Author Barry Linetsky

Good Work and Creative Innovation

Photo by Martin Shreder on Unsplash

This excerpt from the book Good Work: When Excellence and Ethics Meet by Howard Gardner, Mihaly Csikszentmihalyi, and William Damon (2001) struck a chord with me. I immediately thought of creative geniuses like Walt Disney and Steve Jobs, but these observations equally apply to lesser minds who dedicate large aspects of their lives to working long hours more for the joy of the challenge of the work itself than the potential financial rewards.

Contributions by Creator-Leaders

A final source of change is innovation by individual practitioners. In every  epoch, a few people come up with new ideas or ways of doing things, and if these innovations are accepted by others, dramatic transformations of the realm may result. …

Creative people are usually driven by curiosity and tend to be more intrinsically motivated – more interested in the rewards of intellectual discovery than in financial or status rewards. Therefore, they are often considered odd both by the general public and by fellow practitioners. But the reason innovators are less concerned with money and power is that they get their reward directly from their work. They are satisfied by the excitement and wonder involved in the process of discovery – a fulfillment no amount of money can buy. (20)

Barry Linetsky is President & CEO of Cognitive Consulting, Inc., and a Partner with The Strategic Planning Group, a Toronto-based consultancy. He is the author of The Business of Walt Disney and the Nine Principles of His Success (Theme Park Press, 2017) and Free Will: Sam Harris Has It (Wrong). His articles have been published by Ivey Business Journal and Rotman Magazine. Visit his website to find original articles and blog posts on Walt Disney and other management topics of interest to entrepreneurial executives. Follow Barry on Twitter @BizPhilosopher and on LinkedIn.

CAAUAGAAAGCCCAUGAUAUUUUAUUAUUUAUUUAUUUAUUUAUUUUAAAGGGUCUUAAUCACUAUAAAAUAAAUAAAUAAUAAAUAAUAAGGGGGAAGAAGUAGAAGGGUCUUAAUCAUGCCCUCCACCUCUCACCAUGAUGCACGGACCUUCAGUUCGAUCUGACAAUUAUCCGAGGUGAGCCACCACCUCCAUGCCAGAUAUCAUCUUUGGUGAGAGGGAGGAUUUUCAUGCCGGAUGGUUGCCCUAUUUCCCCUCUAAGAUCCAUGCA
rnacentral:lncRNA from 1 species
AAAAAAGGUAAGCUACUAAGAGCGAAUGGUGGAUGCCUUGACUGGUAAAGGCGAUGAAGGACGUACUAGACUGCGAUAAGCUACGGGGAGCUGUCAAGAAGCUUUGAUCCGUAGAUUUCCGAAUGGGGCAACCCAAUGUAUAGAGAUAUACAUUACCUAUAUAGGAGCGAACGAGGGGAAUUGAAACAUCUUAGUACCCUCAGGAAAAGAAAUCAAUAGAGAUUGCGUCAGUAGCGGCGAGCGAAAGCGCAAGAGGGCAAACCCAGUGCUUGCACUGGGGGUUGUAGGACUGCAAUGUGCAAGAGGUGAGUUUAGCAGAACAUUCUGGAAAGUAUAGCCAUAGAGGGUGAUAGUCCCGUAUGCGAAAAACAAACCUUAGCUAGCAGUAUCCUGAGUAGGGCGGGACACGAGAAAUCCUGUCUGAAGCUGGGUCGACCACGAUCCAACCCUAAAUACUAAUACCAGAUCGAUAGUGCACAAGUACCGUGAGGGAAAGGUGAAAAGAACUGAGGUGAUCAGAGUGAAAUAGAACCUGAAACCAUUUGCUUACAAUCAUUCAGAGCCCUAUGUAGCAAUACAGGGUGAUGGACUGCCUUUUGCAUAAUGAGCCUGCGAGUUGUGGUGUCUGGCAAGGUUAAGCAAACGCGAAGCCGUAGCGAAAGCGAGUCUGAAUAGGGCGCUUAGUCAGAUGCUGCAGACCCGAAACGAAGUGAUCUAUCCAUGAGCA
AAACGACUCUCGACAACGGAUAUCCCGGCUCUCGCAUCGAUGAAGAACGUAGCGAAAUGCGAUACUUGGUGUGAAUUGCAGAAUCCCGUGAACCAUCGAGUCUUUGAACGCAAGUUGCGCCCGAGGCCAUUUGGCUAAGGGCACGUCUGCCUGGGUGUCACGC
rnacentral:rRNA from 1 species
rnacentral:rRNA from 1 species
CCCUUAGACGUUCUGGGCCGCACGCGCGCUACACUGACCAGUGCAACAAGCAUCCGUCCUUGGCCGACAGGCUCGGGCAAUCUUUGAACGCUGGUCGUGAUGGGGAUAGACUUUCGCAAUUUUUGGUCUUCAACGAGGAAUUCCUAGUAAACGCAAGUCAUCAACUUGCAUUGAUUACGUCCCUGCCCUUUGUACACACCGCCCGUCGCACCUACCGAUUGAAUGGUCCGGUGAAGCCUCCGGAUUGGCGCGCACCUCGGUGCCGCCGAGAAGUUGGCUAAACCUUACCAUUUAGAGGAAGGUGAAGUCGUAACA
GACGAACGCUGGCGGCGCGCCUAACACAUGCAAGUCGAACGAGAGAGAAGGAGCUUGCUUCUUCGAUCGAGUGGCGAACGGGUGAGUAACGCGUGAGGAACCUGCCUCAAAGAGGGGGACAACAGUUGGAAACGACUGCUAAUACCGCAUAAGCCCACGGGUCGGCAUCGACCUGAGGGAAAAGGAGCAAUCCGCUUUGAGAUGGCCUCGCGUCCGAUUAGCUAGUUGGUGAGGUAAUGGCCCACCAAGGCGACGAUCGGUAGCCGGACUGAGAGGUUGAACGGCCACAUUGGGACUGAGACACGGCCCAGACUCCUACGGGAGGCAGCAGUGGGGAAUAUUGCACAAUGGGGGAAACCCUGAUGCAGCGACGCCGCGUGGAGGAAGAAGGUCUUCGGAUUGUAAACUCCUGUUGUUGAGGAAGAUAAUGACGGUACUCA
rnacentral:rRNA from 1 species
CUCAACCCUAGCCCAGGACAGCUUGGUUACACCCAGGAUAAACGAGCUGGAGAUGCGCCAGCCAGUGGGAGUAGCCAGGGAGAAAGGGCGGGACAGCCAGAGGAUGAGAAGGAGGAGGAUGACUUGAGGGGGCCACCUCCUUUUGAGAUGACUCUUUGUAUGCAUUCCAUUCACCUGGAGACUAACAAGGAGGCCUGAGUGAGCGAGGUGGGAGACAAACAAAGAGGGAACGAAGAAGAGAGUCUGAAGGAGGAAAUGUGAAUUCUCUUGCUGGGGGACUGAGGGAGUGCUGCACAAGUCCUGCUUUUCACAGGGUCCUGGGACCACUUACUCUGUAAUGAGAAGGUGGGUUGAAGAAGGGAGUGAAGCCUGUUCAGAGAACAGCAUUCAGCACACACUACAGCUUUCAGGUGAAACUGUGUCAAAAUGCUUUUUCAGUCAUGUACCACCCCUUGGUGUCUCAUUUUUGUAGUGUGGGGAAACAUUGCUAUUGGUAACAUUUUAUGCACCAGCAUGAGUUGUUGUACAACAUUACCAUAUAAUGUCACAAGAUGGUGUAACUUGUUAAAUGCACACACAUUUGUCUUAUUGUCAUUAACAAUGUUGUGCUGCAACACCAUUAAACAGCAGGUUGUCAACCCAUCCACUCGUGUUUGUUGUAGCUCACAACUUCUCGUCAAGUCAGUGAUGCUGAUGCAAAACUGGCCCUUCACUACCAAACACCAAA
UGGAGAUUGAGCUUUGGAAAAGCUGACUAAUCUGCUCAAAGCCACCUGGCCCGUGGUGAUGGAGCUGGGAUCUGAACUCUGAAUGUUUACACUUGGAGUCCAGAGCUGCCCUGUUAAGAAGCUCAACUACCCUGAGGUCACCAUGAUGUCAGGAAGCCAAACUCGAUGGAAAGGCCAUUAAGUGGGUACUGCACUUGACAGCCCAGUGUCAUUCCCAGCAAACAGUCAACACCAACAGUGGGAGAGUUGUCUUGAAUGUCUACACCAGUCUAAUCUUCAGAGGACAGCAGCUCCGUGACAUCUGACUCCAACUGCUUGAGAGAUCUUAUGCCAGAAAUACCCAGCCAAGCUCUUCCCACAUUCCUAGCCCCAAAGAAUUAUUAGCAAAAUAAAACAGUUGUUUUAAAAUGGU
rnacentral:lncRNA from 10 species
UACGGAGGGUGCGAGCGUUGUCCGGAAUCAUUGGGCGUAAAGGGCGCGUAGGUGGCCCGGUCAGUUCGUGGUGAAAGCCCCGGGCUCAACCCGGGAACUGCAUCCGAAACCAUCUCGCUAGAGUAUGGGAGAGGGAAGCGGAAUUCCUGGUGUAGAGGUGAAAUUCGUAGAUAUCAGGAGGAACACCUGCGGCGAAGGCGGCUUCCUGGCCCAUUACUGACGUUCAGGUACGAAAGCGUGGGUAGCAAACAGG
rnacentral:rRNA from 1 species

© 2018, Barry L. Linetsky. All Rights Reserved

The Business of Fake News

An example of what national networks deemed newsworthy based on their hierarchy of values in 2016.

The Internet and platforms such as Facebook and Twitter have democratized the news business. Anyone can now participate as self-proclaimed media, regardless of their credentials, viewpoint, and moral integrity.

As media consumers, we hope that the criteria for acceptability are the veracity of the story and quality of reporting, but that’s not always the case. In today’s “post-modernist” culture, where irrationality and emotionalism are embraced as valid windows into knowledge and truth, wishes often take precedence over facts both for reporters and their audiences. And with the abuse of truth and facts culturally rampant at this time, the result has been a competition amongst those in the news supply business to manufacture headlines, and sometimes entire stories, in order to have them go viral and to trend. Read more